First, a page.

Okechukwu Chika, Principal Project Manager, Commonwealth Edison (ComEd)

Okechukwu Chika is a Principal Project Manager for Grid Modernization within ComEd’s Smart Grid & Technology Department. As project manager, his role is to execute the deployment of SMART technology & assets on the electric grid. In addition, he oversees the operational integrations to ensure proper management, maintenance, and evaluation of the technology. Okechukwu is a graduate of Northwestern University and earned an MBA from DePaul University.

Jim Cowling, Outdoor Lighting Director, Duke Energy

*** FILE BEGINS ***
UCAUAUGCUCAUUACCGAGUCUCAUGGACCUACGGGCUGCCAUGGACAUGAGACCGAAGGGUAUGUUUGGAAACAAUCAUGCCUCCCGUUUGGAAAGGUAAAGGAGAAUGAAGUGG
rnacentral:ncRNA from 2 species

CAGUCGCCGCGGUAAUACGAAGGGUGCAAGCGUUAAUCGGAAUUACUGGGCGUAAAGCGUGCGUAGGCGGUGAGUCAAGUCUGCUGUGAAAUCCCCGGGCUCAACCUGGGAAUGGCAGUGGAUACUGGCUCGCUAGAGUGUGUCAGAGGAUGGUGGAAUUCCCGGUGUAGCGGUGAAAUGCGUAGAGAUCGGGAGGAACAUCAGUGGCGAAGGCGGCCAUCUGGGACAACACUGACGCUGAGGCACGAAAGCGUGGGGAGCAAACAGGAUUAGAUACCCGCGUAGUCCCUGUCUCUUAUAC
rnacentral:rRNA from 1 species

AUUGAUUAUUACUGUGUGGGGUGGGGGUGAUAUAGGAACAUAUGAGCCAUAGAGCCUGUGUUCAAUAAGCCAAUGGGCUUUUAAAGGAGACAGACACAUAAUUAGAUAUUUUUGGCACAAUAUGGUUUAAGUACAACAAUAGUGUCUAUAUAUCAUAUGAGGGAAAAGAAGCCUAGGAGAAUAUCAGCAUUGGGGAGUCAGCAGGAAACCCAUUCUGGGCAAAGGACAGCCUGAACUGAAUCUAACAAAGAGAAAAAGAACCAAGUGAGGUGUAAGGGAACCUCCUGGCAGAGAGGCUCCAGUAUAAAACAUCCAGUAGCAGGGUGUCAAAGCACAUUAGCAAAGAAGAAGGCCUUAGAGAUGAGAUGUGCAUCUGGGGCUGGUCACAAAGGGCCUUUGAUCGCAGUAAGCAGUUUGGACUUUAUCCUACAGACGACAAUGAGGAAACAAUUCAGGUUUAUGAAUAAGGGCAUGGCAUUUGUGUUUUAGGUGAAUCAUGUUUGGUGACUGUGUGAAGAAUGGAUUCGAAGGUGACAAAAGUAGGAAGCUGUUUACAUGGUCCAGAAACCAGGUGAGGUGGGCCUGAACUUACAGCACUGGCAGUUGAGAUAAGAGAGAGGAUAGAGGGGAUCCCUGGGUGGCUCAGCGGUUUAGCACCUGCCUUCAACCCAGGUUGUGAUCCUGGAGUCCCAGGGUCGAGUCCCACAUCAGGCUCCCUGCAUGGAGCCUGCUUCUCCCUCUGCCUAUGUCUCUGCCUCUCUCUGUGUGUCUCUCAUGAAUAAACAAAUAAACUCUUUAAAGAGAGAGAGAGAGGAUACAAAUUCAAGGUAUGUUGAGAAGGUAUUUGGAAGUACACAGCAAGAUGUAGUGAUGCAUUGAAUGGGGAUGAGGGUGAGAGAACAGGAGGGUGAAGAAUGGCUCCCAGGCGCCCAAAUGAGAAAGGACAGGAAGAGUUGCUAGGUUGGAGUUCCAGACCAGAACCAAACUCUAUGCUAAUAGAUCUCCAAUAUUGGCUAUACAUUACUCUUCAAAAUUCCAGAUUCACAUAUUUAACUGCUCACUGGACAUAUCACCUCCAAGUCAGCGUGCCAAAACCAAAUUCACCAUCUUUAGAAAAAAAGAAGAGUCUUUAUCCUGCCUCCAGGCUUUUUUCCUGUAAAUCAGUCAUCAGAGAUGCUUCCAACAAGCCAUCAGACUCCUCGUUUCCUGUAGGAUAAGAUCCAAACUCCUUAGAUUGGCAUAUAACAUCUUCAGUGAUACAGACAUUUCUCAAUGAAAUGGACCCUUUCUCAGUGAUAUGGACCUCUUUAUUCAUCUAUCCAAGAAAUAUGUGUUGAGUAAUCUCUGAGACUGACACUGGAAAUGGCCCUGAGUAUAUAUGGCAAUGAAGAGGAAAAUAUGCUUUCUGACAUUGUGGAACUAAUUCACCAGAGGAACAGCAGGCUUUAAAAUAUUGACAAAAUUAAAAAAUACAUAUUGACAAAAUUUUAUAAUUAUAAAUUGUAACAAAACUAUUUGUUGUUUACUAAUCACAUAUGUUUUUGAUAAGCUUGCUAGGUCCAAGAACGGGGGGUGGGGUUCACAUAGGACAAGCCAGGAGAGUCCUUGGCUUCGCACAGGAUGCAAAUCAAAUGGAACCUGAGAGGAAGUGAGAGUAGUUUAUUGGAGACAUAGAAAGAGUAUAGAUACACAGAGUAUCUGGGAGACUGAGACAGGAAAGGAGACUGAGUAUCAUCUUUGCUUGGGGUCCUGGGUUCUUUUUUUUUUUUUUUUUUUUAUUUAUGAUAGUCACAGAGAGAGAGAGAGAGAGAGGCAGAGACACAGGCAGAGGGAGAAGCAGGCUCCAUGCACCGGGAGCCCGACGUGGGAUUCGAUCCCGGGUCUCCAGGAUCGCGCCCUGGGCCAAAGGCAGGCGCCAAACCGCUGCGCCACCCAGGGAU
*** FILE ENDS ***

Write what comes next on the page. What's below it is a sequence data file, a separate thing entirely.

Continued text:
Jim began working in the electric utility industry in 1981 as a co-op student with Alabama Power Company; one of his first roles was promoting and designing outdoor lighting installations.  He has worked for three major electric utilities in his career.  Jim obtained a Bachelor of Electrical Engineering degree in 1986 from Auburn University and a Master’s in Business Administration from the University of Central Florida in 1999.   He holds a Professional Engineering license and is also a Certified Energy Manager.   Jim began his career with Duke Energy in November of 1997, working in the central Florida area.   His work experience has included roles in the areas of distribution engineering, major accounts, energy efficiency, load management, power quality, external relations, distribution operations, economic development, non-regulated services and sales, and outdoor lighting since 2012.  Jim has served in various leadership roles for Duke Energy since 2000.   He began working in Duke’s Outdoor Lighting Program as Manager of Outdoor Lighting for the Duke Energy Florida jurisdiction.   He was promoted to Director – Outdoor Lighting, responsible for all Duke Energy jurisdictions, in September of 2015, and now resides in Charlotte, North Carolina.  Since Jim has been leading the Outdoor Lighting team, the Duke Outdoor Lighting business has increased new lighting installs by 30%, performed nearly 350,000 HID to LED light conversions, and designed and implemented several different lighting pole attachment programs.   Jim has been married to his wife, Kathy, 31 years and they have two grown daughters.   Sarah is an industrial and systems engineer residing in Greenville, SC and Emily is an elementary school teacher living in Lakeland, FL.   In Jim’s spare time, he enjoys golf, fishing, and reading.